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The Politics Behind Manipur's Never-ending Blockade

They hit the section of society from where the blockade starts, in this case the tribals living in the Hill districts of Manipur. The blockade then manifests along empty roads and highways. No trucks ply, no goods reach their destination.

Anubha Bhonsle | CNN-News18anubhabhonsle

Updated:February 20, 2017, 6:56 PM IST
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The Politics Behind Manipur's Never-ending Blockade
Photograph of nine men who died in Churachandpur in 2015) (Credit: Anubha Bhonsle/CNN-News18)

Blockades embitter entire populations. They hit the section of society from where the blockade starts, in this case, the tribals living in the Hill districts of Manipur. The blockade then manifests along empty roads and highways. No trucks ply, no goods reach their destination.

The population that is also squeezed thin are those that reside in the Valley, Imphal for instance. They stand in line, night and day, parking their vehicles overnight and wait for a token which will allow a measly dole of fuel. Cars get the freshly minted five hundred rupees worth of fuel while scooters have to do with 300 rupees. Blockades are an annual ritual in Manipur, only this time they are intersecting with elections. Manipur votes on the 4th and 8th of March. The blockade would have gone on for more than four months.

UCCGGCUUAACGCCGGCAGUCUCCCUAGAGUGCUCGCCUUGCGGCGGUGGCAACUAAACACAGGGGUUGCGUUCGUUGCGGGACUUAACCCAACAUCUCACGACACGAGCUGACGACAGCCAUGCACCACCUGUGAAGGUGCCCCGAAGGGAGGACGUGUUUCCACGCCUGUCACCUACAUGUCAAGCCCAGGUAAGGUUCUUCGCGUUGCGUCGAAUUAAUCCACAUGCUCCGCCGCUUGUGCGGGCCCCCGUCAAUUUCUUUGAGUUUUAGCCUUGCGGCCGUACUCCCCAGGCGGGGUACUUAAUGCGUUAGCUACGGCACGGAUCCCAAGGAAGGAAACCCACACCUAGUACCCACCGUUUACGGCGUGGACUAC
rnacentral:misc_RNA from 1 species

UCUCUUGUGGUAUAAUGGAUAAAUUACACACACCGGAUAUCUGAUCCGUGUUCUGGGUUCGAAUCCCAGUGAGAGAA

Contrary to popular (or mainstream media’s) perception, a blockade in Manipur does not mean a long meandering queue of trucks that are unable to pass through. That happened only in the first few days, when trucks coming in from Mao Gate bordering Nagaland were prevented from entering Senapati and traveling to Imphal for where the goods were meant for.

The agitational dynamics of the blockade have been perfected over the years. Now trucks simply don’t attempt to enter via Mao Gate once the first bugle of a blockade has been sounded. They instead prefer choosing a longer, arduous route. As a result fuel supplies are delayed and there is despair in both the Hills and the Valley.

New Districts Trigger Manipur’s Latest Blockade

The Manipur election battlelines although distinct now, are still complex.

Quite naturally those who go to cast their vote are likely to have the economic blockade called by the United Naga Council (UNC) on top of their mind.

The blockade began on November 1, 2016. At that time there was anticipation that the Congress government led by Ibobi Singh was about to create two new districts-Sadar Hills bifurcating the existing Senapati district and Jiribam out of Imphal East district.

The district status for Sadar Hills and Jiribam have been a long standing demand of the Kukis (tribals in Hills) and Meiteis (residing in the Valley). The UNC has been vehemently opposed to it. The Nagas consider Senapati a part of the Naga ancestral homeland and therfore are against the bifurcation.

Did the Chief Minister Play the UNC?

Anticipating protests and blockades, perhaps even preempting them, the Ibobi government went ahead and announced the creation of seven new districts. What better time than elections to do this, especially if it shifted attention from anti-incumbency, charges of misrule and corruption and brought the focus back to ethnic tensions and strained tribal unity. Five of these districts were going to be formed by splitting Hill districts and two by bifurcating Valley districts.